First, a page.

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Effect of Cotton Seedling Infection by Cotton-leaf Crumple Virus on Subsequent Growth and Yield

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Abstract:

Colton-leaf crumple (CLC) is a disease of cotton that occurs annually in the southwestern United States. CLC virus (CLCV) is transmitted exclusively by Bemisia tabaci (Gennadius), the sweetpotato whitefly. Ten cultivars of cotton, Gossypium hirsutum L., were inoculated at the 6–8 leaf stage to simulate early infection, and then were transplanted to the field along with noninoculated control plants. The growth (height), extent of symptoms, number of open bolls and weight of seed-colton were measured. All inoculated plants, regardless of the cultivar, exhibited reduced growth immediately following inoculation and infection. Growth thereafter was normal, except for 'Deltapine 90', 'Deltapine 55', 'Deltapine NSL' and 'Deltapine 30'. Inoculated plants exhibited a reduction in the number of bolls per plant (27%) and seed-colton yields (24%). Plant height in late June was the most useful parameter with which to predict potential yield losses, relative to early CLCV infection.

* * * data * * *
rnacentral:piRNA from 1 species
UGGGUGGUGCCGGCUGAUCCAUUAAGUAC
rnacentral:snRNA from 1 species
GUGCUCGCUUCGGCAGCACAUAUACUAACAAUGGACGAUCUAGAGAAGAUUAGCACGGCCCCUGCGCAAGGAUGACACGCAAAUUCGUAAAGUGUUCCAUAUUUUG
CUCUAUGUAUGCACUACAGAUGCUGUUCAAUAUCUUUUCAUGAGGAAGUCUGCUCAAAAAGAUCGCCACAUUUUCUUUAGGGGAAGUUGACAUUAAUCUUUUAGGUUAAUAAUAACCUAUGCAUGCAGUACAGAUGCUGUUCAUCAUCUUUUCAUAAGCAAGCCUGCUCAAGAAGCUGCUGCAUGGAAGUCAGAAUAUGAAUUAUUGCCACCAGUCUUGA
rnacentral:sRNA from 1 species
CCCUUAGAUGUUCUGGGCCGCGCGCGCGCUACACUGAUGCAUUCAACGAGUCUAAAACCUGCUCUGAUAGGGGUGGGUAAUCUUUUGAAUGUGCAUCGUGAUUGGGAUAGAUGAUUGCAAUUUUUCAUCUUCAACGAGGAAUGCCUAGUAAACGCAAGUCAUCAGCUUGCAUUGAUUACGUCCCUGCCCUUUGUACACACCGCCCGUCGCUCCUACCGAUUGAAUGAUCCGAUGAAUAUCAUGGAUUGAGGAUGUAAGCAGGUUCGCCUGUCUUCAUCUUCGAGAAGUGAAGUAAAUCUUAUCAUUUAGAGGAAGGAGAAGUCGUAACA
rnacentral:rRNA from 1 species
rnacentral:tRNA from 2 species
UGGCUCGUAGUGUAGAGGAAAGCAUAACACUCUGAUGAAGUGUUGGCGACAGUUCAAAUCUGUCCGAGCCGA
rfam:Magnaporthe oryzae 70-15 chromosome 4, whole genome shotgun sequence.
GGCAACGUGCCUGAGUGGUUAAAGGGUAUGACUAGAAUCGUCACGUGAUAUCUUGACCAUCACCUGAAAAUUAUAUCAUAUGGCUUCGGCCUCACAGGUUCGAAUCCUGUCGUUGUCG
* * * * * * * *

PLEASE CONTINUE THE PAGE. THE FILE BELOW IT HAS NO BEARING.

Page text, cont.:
Document Type: Research Article

Publication date: February 1, 1986

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  • Journal of Economic Entomology is published bimonthly in February, April, June, August, October, and December. The journal publishes articles on the economic significance of insects and is divided into the following sections: apiculture & social insects; arthropods in relation to plant disease; forum; insecticide resistance and resistance management; ecotoxicology; biological and microbial control; ecology and behavior; sampling and biostatistics; household and structural insects; medical entomology; molecular entomology; veterinary entomology; forest entomology; horticultural entomology; field and forage crops, and small grains; stored-product; commodity treatment and quarantine entomology; and plant resistance. In addition to research papers, Journal of Economic Entomology publishes Letters to the Editor, interpretive articles in a Forum section, Short Communications, Rapid Communications, and Book Reviews.
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